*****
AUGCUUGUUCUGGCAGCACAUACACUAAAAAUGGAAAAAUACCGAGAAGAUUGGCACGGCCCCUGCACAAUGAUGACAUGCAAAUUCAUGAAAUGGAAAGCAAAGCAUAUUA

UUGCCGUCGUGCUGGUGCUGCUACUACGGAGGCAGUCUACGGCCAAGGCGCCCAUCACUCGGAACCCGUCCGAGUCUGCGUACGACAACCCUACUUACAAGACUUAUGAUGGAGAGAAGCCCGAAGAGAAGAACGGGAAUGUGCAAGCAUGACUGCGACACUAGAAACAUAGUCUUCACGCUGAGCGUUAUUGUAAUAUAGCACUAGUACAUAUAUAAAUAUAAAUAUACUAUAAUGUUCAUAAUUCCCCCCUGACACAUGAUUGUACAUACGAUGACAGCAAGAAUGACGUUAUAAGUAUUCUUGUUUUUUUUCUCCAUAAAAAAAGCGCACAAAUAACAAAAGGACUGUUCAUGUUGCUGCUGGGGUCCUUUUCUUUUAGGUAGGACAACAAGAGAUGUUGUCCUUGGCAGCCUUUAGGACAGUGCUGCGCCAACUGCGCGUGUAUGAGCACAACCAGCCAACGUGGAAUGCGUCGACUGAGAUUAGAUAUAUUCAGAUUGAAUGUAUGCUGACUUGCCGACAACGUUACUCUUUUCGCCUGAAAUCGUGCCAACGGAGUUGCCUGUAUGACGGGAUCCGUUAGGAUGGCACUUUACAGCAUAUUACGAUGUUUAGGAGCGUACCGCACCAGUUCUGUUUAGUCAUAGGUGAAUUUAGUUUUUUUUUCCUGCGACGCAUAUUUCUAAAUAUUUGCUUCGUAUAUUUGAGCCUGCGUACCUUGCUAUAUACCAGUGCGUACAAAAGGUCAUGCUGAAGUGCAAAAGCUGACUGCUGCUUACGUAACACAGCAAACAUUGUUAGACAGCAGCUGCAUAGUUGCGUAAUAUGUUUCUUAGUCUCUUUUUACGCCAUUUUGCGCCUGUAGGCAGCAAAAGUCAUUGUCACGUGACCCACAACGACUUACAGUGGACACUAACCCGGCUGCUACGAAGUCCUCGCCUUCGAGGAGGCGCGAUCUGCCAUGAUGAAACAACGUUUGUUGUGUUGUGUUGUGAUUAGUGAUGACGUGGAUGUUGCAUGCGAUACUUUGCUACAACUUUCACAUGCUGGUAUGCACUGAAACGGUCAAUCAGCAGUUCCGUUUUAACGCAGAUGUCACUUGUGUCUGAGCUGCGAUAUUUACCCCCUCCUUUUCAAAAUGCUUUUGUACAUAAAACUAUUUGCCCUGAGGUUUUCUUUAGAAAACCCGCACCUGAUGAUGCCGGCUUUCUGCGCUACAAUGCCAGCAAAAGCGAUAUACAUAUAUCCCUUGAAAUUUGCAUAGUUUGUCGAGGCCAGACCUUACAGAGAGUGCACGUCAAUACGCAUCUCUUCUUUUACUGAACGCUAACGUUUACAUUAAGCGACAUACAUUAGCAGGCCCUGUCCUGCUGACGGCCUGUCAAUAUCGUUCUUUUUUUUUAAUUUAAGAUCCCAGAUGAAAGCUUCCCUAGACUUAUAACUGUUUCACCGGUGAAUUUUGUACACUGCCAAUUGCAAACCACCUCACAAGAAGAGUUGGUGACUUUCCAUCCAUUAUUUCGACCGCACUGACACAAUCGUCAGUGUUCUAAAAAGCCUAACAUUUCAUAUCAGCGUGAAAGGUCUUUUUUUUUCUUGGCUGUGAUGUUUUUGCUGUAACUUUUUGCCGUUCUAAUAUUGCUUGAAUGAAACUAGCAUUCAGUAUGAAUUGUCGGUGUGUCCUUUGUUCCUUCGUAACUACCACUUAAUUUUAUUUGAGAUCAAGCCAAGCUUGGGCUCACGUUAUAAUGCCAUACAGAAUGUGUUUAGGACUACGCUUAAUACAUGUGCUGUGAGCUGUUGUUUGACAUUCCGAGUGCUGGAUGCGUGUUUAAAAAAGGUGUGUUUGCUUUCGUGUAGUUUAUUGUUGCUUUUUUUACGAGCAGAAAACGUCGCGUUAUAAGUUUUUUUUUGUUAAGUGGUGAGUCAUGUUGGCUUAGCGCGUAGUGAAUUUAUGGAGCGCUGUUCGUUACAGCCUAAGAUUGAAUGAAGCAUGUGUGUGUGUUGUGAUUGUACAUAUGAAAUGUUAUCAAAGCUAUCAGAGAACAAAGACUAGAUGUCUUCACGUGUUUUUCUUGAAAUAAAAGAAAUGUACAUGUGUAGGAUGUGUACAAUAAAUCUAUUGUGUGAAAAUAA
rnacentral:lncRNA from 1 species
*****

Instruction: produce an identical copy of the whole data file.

AUGCUUGUUCUGGCAGCACAUACACUAAAAAUGGAAAAAUACCGAGAAGAUUGGCACGGCCCCUGCACAAUGAUGACAUGCAAAUUCAUGAAAUGGAAAGCAAAGCAUAUUA

UUGCCGUCGUGCUGGUGCUGCUACUACGGAGGCAGUCUACGGCCAAGGCGCCCAUCACUCGGAACCCGUCCGAGUCUGCGUACGACAACCCUACUUACAAGACUUAUGAUGGAGAGAAGCCCGAAGAGAAGAACGGGAAUGUGCAAGCAUGACUGCGACACUAGAAACAUAGUCUUCACGCUGAGCGUUAUUGUAAUAUAGCACUAGUACAUAUAUAAAUAUAAAUAUACUAUAAUGUUCAUAAUUCCCCCCUGACACAUGAUUGUACAUACGAUGACAGCAAGAAUGACGUUAUAAGUAUUCUUGUUUUUUUUCUCCAUAAAAAAAGCGCACAAAUAACAAAAGGACUGUUCAUGUUGCUGCUGGGGUCCUUUUCUUUUAGGUAGGACAACAAGAGAUGUUGUCCUUGGCAGCCUUUAGGACAGUGCUGCGCCAACUGCGCGUGUAUGAGCACAACCAGCCAACGUGGAAUGCGUCGACUGAGAUUAGAUAUAUUCAGAUUGAAUGUAUGCUGACUUGCCGACAACGUUACUCUUUUCGCCUGAAAUCGUGCCAACGGAGUUGCCUGUAUGACGGGAUCCGUUAGGAUGGCACUUUACAGCAUAUUACGAUGUUUAGGAGCGUACCGCACCAGUUCUGUUUAGUCAUAGGUGAAUUUAGUUUUUUUUUCCUGCGACGCAUAUUUCUAAAUAUUUGCUUCGUAUAUUUGAGCCUGCGUACCUUGCUAUAUACCAGUGCGUACAAAAGGUCAUGCUGAAGUGCAAAAGCUGACUGCUGCUUACGUAACACAGCAAACAUUGUUAGACAGCAGCUGCAUAGUUGCGUAAUAUGUUUCUUAGUCUCUUUUUACGCCAUUUUGCGCCUGUAGGCAGCAAAAGUCAUUGUCACGUGACCCACAACGACUUACAGUGGACACUAACCCGGCUGCUACGAAGUCCUCGCCUUCGAGGAGGCGCGAUCUGCCAUGAUGAAACAACGUUUGUUGUGUUGUGUUGUGAUUAGUGAUGACGUGGAUGUUGCAUGCGAUACUUUGCUACAACUUUCACAUGCUGGUAUGCACUGAAACGGUCAAUCAGCAGUUCCGUUUUAACGCAGAUGUCACUUGUGUCUGAGCUGCGAUAUUUACCCCCUCCUUUUCAAAAUGCUUUUGUACAUAAAACUAUUUGCCCUGAGGUUUUCUUUAGAAAACCCGCACCUGAUGAUGCCGGCUUUCUGCGCUACAAUGCCAGCAAAAGCGAUAUACAUAUAUCCCUUGAAAUUUGCAUAGUUUGUCGAGGCCAGACCUUACAGAGAGUGCACGUCAAUACGCAUCUCUUCUUUUACUGAACGCUAACGUUUACAUUAAGCGACAUACAUUAGCAGGCCCUGUCCUGCUGACGGCCUGUCAAUAUCGUUCUUUUUUUUUAAUUUAAGAUCCCAGAUGAAAGCUUCCCUAGACUUAUAACUGUUUCACCGGUGAAUUUUGUACACUGCCAAUUGCAAACCACCUCACAAGAAGAGUUGGUGACUUUCCAUCCAUUAUUUCGACCGCACUGACACAAUCGUCAGUGUUCUAAAAAGCCUAACAUUUCAUAUCAGCGUGAAAGGUCUUUUUUUUUCUUGGCUGUGAUGUUUUUGCUGUAACUUUUUGCCGUUCUAAUAUUGCUUGAAUGAAACUAGCAUUCAGUAUGAAUUGUCGGUGUGUCCUUUGUUCCUUCGUAACUACCACUUAAUUUUAUUUGAGAUCAAGCCAAGCUUGGGCUCACGUUAUAAUGCCAUACAGAAUGUGUUUAGGACUACGCUUAAUACAUGUGCUGUGAGCUGUUGUUUGACAUUCCGAGUGCUGGAUGCGUGUUUAAAAAAGGUGUGUUUGCUUUCGUGUAGUUUAUUGUUGCUUUUUUUACGAGCAGAAAACGUCGCGUUAUAAGUUUUUUUUUGUUAAGUGGUGAGUCAUGUUGGCUUAGCGCGUAGUGAAUUUAUGGAGCGCUGUUCGUUACAGCCUAAGAUUGAAUGAAGCAUGUGUGUGUGUUGUGAUUGUACAUAUGAAAUGUUAUCAAAGCUAUCAGAGAACAAAGACUAGAUGUCUUCACGUGUUUUUCUUGAAAUAAAAGAAAUGUACAUGUGUAGGAUGUGUACAAUAAAUCUAUUGUGUGAAAAUAA
rnacentral:lncRNA from 1 species